Getting There

Yesterday was a better day.

This roller coaster I’ve been on seems to be slowing down. I’m not off the ride just yet, but the slower speed is a relief.

I’m proud of myself for one thing at least. Instead of doing what I would usually do, which is self-medicate with my benzo’s (more than what’s prescribed), I used the DBT Distress Tolerance skill of Urge Surfing and Riding The Wave. Just allowing myself to fully experience the urges for self-harm, medication, and alcohol, and feel the emotions that I so desperately wanted to numb.

I managed to cope with those intense feelings and urges by doing some physical activity right in my room, such as push ups. Something I find really soothing is lying stomach down on my fitness/exercise ball and slowly rolling back and forth, stopping for about 30 seconds every now and then to just breathe and feel the pressure and support against my stomach and upper body. It may sound weird, but it helps. I had to use a lot of my coping skills and tools, and I realized again just how important it is to have those.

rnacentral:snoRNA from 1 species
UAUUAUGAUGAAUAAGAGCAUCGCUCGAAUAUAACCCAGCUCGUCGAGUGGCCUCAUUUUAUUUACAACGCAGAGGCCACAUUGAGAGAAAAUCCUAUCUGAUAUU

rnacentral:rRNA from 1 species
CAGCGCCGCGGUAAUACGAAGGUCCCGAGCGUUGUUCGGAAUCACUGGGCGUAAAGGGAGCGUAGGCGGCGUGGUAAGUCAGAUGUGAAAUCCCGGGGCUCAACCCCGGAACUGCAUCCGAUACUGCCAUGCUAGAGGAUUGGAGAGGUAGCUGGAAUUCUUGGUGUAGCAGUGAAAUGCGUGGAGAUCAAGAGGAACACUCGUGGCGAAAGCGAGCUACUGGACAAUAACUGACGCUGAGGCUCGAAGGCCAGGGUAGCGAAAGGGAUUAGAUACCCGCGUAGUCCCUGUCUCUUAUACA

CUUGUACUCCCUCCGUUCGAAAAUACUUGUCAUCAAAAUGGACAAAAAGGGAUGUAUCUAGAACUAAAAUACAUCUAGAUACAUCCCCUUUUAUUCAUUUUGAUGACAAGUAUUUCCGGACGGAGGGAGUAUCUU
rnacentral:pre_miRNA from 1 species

Another urge I’ve had is to quit therapy (next session and the first of this year is next week Wednesday). Not because of my therapist, but because I’ve been wondering whether therapy in general is still worth it for me. Feeling like I’m sick of doing the work and still having these bad mental health days, to this extent. But I managed to avoid sending those emails and messages.

My main goal during times like these is to get through these moments in less destructive ways as far as possible. And I think I’ve managed that quite well so far.

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7 thoughts on “Getting There

  1. Brava! It sounds like the ball requires you to concentrate on it, not least so you don’t fall off! And the avoidance of avoidance — medication, dissociation, self-harm, etc. — is another significant step. The waves will come and, eventually, you will be their match, as we must all learn to be.

    Liked by 2 people

  2. It sounds like you’re using your logic rather than emotion to drive you and that’s a really good thing. I think knowing that you are fundamentally in control of how your mind works is half the battle won. It just takes a lot of work. A fucking hell of a lot!

    Liked by 1 person

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